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In the wake of September 11 attacks, the Bush administration gave the Afghan government an ultimatum to present al-Qaeda leaders operating in the country or stand the threat of being attacked. The Taliban government however demanded for evidence that could prove that bin Laden had a hand in the September attacks. They further offered to conduct in their Islamic courts any kind of trial if indeed such evidence could warrant a trial. The U. S administration just refused to provide any evidence linking bin Laden to the deadly attacks on Americans. Subsequently, the invasion by the U.S went ahead according to earlier threats in a bid to oust the Taliban from power. The U. S carried the attacks with the support from UK and partnered allies by October 2001 in an attempt to capture bin Laden whom they perceived as being accommodated by the Taliban regime. On the other hand, Iraq had been perceived by the U.S since 1990 as a state that did sponsor international terrorism. The Saddam regime had fallen out of favor with U.S and the UN for its fight with Iranians and Kurds using chemical weapons.  The U. S government accused the Saddam regime of having weapons of mass destruction and posing a threat to global peace. This subsequently led to the 2003 invasion in an attempt to stop more use of the weapons of mass destruction and topple Saddam regime from power. Further, the invasion named operation Iraq freedom was seen as a resolution to the serious consequences that the Iraq regime posed and hugely determined to counteract insurgency attacks (Mahrken and Thomas187).

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It is evident that these wars have brought far reaching implications both to the United States and the involved countries. As a result of these wars, thousands of civilians have died while tens of thousands seriously wounded with deaths of U.S troops being on increase day after day. The civilians in these wars bear the greatest impacts in relation to social, economical and political implications. The U.S decision to invade these countries seems to be ill-timed and ill-advised because the set goals and objectives were not achieved fully. In attempts to provide citizens of these countries with political regimes that were corruption free, human rights sensitive and democratic, many atrocities were committed against the same citizens. Cases of human rights abuses by military personnel during these operations are apparent making the same citizens to be victims instead of being liberated.  The countries were plugged into economic and political crisis during the invasions. This actually affected the way of governance and rule and since then the setting up of governments has been a contentious issue in both countries. After the invasion huge sums of money are required to re-build infrastructure and other core economic structures.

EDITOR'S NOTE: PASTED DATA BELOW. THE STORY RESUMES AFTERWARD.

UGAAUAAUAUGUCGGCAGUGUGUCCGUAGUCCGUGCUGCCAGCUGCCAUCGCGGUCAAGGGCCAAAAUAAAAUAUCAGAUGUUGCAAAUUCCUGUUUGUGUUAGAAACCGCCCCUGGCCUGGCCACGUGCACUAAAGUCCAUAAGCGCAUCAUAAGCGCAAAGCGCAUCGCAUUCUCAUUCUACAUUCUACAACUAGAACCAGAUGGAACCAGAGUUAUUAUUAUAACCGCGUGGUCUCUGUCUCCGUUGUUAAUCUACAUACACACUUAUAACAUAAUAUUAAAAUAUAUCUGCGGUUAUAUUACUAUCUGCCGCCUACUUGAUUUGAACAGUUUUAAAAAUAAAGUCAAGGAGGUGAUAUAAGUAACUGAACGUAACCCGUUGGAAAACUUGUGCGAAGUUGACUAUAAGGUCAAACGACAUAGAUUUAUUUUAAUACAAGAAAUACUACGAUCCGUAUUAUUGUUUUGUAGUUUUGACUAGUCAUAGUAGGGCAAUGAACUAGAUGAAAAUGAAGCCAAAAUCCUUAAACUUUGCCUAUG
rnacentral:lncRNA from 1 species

On the other hand, the invasions might have just proved a big business for the Unite states. Reports actually show that some U.S corporations do lobby openly in attempt to have increased amounts of money invested in war. This is because the aftermath of invasion will mean the government would offer contracts that accrue enormous profits for the private contractors. Actually in other terms war can be described as a big business as it is proved by the way private companies are doing really well in war areas. As at January 2010, there were about 55,000 private contractors in Iraq and Afghanistan dealing with armed security as reported by the Congressional Research Service.  Many other defense contracts make huge sums of money from the federal contracts they get from the government. The reconstruction of Iraq has for instance provided a lucrative business for U.S based companies dealing with oil services and construction works. Such companies that are among the largest privately owned contractors include among others the Houston-based oil services company Halliburton and Bechtel a San Francisco-based construction company. There are many companies contracted in re-building and reconstructing these countries and they are just doing good business. However, this has led to the development of a notion and perception that the wars might have been initially waged in an attempt to promote lucrative business (Belasco 35).